Colorado,  Estes Park,  Hiking,  Hiking Stories,  Locations

Elk Sightings in Estes Park

We made it to Estes Park, and it is just as beautiful as I remembered.

Our journey began at the crack of dawn when we took a 7am nonstop flight to Denver. From there we picked up our 4 wheel drive ride — a stick shift jeep.  Wearing hiking gear, eating trail mix, and cruising in a stick shift jeep made us feel like ultimate Coloradoans.


This is actually our third trip to Colorado this year. In June we went to Pueblo and Monarch and in February we skied in Breckenridge. I guess we just can’t get enough.

Our route to Estes Park was a bit longer than normal thanks to the main road being shut down, so we ended up taking the scenic route on a winding road next to a river.


It was beautiful and our jeep handled the slick roads like a champ.

Since arriving, we’ve been focused on taking in the views from our friends’ porch.

I may never leave.


Hello heaven!


I wish you could smell the pine trees and the crisp mountain air through these photographs.


Right now I’m writing from a chair on the deck and watching hummingbirds fight over who gets to drink from the feeder. They are aggressive!

Hummingbird shots (2)

They are not shy about telling the other hummingbirds to get off their turf.  So far I’ve counted eight of them buzzing around and fighting over the feeder.

Hummingbird shots (3)

Hummingbird shots (1)

Other than watching hummingbirds duke it out, we’ve also driven around town and up to the entrance to Rocky Mountain National Park, where we found the Fall River Visitor Center.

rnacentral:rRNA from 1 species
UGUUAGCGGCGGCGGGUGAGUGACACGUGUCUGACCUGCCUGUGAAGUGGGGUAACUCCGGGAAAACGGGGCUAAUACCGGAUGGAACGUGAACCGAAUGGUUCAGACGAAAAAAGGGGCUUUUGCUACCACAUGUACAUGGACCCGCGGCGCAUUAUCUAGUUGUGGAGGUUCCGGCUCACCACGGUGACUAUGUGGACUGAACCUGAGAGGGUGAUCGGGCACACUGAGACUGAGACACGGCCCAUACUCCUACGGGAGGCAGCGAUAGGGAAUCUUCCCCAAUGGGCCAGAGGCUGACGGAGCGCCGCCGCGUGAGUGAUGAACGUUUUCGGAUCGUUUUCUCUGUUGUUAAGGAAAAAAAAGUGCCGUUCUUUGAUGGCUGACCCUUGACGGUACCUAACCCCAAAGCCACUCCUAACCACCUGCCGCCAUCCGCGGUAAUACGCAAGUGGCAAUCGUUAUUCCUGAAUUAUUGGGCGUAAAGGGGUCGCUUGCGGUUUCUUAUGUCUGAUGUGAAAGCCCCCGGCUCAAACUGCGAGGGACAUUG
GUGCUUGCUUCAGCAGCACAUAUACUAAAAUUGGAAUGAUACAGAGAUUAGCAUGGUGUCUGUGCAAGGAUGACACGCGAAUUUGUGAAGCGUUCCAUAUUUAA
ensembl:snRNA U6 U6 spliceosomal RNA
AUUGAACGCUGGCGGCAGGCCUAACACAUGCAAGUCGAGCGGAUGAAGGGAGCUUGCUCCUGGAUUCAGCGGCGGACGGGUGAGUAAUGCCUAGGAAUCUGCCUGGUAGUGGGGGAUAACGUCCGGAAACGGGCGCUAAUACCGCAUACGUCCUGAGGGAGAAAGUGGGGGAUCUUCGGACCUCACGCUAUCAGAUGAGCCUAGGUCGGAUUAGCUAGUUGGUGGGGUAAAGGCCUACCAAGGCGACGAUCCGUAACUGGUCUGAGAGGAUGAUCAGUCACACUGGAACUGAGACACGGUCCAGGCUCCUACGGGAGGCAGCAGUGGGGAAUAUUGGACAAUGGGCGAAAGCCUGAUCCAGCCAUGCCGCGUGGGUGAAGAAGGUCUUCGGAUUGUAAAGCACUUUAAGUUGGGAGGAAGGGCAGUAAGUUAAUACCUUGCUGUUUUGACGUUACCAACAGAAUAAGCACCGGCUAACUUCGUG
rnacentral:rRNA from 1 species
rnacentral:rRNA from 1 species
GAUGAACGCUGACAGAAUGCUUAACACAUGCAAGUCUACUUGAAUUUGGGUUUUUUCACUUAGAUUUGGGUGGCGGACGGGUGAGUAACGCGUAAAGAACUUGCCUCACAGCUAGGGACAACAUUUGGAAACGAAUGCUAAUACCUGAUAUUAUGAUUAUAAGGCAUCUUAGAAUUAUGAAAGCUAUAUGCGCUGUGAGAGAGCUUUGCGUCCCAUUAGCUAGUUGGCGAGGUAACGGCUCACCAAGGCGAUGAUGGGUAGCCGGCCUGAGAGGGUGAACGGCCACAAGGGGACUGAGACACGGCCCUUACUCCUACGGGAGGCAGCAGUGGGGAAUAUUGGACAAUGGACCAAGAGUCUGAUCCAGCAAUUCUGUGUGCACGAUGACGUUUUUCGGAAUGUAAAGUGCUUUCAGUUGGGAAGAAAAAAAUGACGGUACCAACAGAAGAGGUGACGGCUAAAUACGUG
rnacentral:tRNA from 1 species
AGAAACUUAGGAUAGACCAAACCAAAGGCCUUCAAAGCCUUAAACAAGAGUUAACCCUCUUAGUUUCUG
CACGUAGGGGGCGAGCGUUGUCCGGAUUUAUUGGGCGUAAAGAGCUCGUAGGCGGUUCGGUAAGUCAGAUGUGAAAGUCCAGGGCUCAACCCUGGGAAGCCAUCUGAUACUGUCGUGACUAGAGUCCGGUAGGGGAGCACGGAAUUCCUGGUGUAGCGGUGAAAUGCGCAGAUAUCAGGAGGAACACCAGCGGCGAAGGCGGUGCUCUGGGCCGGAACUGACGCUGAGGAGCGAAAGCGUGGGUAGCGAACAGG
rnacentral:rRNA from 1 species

I recommend stopping at the visitor’s center whenever you’re at a national park for several reasons…

a) A ranger can tell you what trails and roads are closed, if any

b) You can sign up for guided hikes

c) You can see the schedule of ranger shows. (No trip to a national park is complete without a ranger show.) Kids love them and adults love them–or at least, I do. Ranger shows cover everything from constellations in the night sky to bighorn sheep, bears, and other wild animals in the park to the history of a park. I have many fond memories going to these as a child.

d) Goodies like park coloring books, junior ranger badges, history and guide books, artwork, and other souvenirs can be found inside.

e) If you’re planning to backpack to primitive camp sites for a few days, you need to check in with the ranger and let them know your plans. (You should have a reservation as well.)


After checking out the visitor center, we drove bacck into town and right at the end of main street we found a dozen cars pulled off to the side of the road checking out this big elk buck, not more than fifteen yards away.


It was pretty awesome.


You can see him just above the row of branches in the photo above.


I guess he was enjoying the people watching.


That done, we parked in town and walked along the stream that runs behind main street, where a river walk and park had recently been built.


One thing you can be assured of in Estes Park is that you will never have to go more than fifteen feet without encountering an ice cream shop or a scenic place to sit.


Fortunately, you burn off all that ice cream in the mountains.

At least that is the logic I am using.

Tomorrow, my brother gets in and we will hit the trail hardcore. He’s a bigtime climber and I will be huffing and puffing to keep up.

I think I’ll need this shirt.


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